Ecosystem Scientist, Wapusk National Park
SPOT Image showing beach ridges ©2008 CNES, Licensed by Iunctus Geomatics Corp., www.terraengine.com
Think of beach ridges, and the imagination runs to sandy dunes interspersed with coastal lowlands – perhaps a nice place to hike and picnic in July or a place to rest after a day by the water. The beach ridges in Wapusk National Park fit this image in some ways – they are formed by wave and current action on sands, pebbles and gravel and are nice, breezy, dry places in July. But in other aspects, they are drastically different. Distance from the coastline is one thing that sets them apart. Although some of Wapusk NP’s beach ridges are immediately beside the water, older beach ridges can be up to 15-20 km from the coast. The gradual rising of the Hudson Bay Lowlands, coupled with the low elevation of the region, has left noticeable beach ridges along the eastern shore of Wapusk NP from Cape Churchill to Broad River. As the land has slowly risen, freed from the weight of glaciers following the last ice age, coastal influences such as wind, storms and waves have built ridges along the high tide line each year. Over a few years the ridges, no longer at the coastline, become landlocked. Through this process, called isostatic rebound, Wapusk NP is actually getting bigger every year! In fact, the edge of Hudson Bay, where it meets the Manitoba coast, is known as one of the more dramatic areas of isostatic rebound on earth, with the land emerging out of the Hudson Bay at a rate of 40 cm -1 m per century!
These beach ridges, currently making up one percent of the park area, are covered in the only vegetation community truly classed as dry tundra in Wapusk NP. Newly emerged, or young beach ridges are generally easy to spot on satellite images such as Google Earth, as they appear as white, wispy features almost like scratches on the surface of the land. They are irregular in shape, being formed by currents and storm events that took place in the past. Further inland, the ridges become covered in shrubs and trees and are more difficult to see from the air. Often trees, such as spruce, indicate the higher ground of the beach ridges.
On most new ridges, the vegetation consists of low-growing woody shrubs such as Mountain avens, bearberry, Lapland rosebay, and buffaloberry, interspersed with sedges, lichens and the few herbaceous plants that can withstand the dry, exposed conditions on the ridges. In winter, snow is blown off the tops of the ridges and forms drifts on the lee side causing moist pockets, which are colonized by other shrubs such as low growing willows. On the undisturbed ridges, arctic plants common in areas further north, such as alpine azalea and nard sedge, can be found.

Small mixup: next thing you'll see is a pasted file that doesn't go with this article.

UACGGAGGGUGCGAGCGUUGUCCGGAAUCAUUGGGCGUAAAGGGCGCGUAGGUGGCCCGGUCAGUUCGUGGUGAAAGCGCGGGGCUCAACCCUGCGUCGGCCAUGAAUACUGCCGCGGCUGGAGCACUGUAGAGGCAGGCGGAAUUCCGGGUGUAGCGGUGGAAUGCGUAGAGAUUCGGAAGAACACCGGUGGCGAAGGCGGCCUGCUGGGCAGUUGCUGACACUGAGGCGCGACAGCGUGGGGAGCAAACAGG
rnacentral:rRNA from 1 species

Mountain avens growing on a beach ridge © Parks Canada
The beach ridges make good habitat for arctic and red foxes, and many dens are occupied year after year. Around fox dens, bright greens indicate grasses and sedges growing where droppings fertilize the ground. Caribou migrate to the coast in spring and travel along the ridges with their calves, foraging on the abundance of grasses and lichens through the summer. Their trails etch long white scars into the gravel and vegetation and their droppings, common along the ridge top trails, leave a pungent smell and become freeze-dried.
Stone tent rings, hunting blinds and caches found along beach ridges farther inland attest to early human use. Perhaps these spots were nice breezy places to hunt and get away from the mosquitoes which are so numerous in low lying areas. Some of these archaeological sites are now 10 km inland, with driftwood larger than the trees found along the current coastline of the park. In recent history, the military used the beach ridges as landing strips and vehicle access points, setting up observation towers along these higher landscape features. Today, one scientific research camp (Nester One) is located on a beach ridge.
The beach ridges of Wapusk NP are a testament to change along western Hudson Bay, both in human use as well as geological process, and are a valued and special part of the landscape of this national park.
A view of Nester One research camp © Parks Canada